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Israeli ambassador calls for separating truth about Holocaust from politics

Experts must have an opportunity to scrutinize the history of Holocaust without political pressure, the Israeli Ambassador in Russia, Gary Koren said on Tuesday as he attended the opening ceremony of an exhibition entitled "Shoah/Holocaust: How Could People Do This?" at the Museum of Victory on Poklonny Hill in Moscow.

"The main thing is to keep up the memories and to continue research," Koren said. "It's important to assure an opportunity for historians to do research quietly instead of being exposed to any forms of political interference."

The ambassador underlined the identity of Russia and Israel's views of the history and results of World War II and said the two countries were cooperating closely as regards the establishing of names of the victims of Nazism.

"We're working actively with the Russian state service for archives and we have a project titled 'Every Person Has a Name'," Koren said. "Whole families died and therefore it's very important for us to establish their names. Russian archives can help us a lot in this sense."

"We're siding with Russia in everything that concerns the results of World War II," he said, adding that the Israelis treasured the fact.

Koren added the tragedy of Holocaust might repeat itself and hence "<> it's really a matter of importance to maintain the memories of Holocaust and to continue the research related to it."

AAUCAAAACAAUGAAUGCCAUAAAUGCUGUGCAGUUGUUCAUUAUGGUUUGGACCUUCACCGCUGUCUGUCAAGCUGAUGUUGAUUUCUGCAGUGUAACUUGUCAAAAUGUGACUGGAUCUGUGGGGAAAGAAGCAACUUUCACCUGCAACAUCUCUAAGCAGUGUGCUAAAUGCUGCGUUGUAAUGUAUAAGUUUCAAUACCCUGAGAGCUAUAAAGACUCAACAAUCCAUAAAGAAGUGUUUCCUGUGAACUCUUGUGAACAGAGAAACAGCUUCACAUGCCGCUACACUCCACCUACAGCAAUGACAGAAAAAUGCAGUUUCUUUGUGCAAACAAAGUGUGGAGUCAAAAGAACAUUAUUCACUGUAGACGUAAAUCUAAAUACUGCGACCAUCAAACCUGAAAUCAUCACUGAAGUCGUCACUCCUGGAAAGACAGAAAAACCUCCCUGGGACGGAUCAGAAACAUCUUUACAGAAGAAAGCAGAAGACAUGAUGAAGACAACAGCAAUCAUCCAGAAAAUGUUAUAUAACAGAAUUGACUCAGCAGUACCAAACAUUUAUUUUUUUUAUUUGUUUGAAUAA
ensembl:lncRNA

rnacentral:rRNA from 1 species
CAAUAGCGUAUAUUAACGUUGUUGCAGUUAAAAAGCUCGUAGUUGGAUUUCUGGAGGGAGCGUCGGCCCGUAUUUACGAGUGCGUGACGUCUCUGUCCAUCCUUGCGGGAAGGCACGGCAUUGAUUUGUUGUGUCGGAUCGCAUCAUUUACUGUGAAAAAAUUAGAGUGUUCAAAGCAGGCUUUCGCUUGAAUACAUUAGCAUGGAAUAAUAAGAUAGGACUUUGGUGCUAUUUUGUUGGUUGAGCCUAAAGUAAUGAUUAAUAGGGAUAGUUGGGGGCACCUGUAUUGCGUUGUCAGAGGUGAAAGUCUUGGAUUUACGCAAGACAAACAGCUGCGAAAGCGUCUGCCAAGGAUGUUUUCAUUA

The exhibition at the Museum of Victory highlights the major stages in the history of Holocaust. It begins with the depiction of the Jewish people's everyday life in the countries of Europe and in the Soviet Union before World War II and ends with the story of liberation of inmates at Nazi death camps and their return to peaceful life.

Some of the exhibits have been loaned by the Museum of Jewish Heritage. These are the personal belongings of the inmates at Nazi camps, the pencil sketches of frontline routine, the Red Army soldiers' letters from the war trenches, a typewriter and a glass for Kiddush that belonged to the Soviet writer and publicist Ilya Ehrenburg, and many other valuable artefacts.

[Source: Itar Tass, Moscow, 30Jan18]

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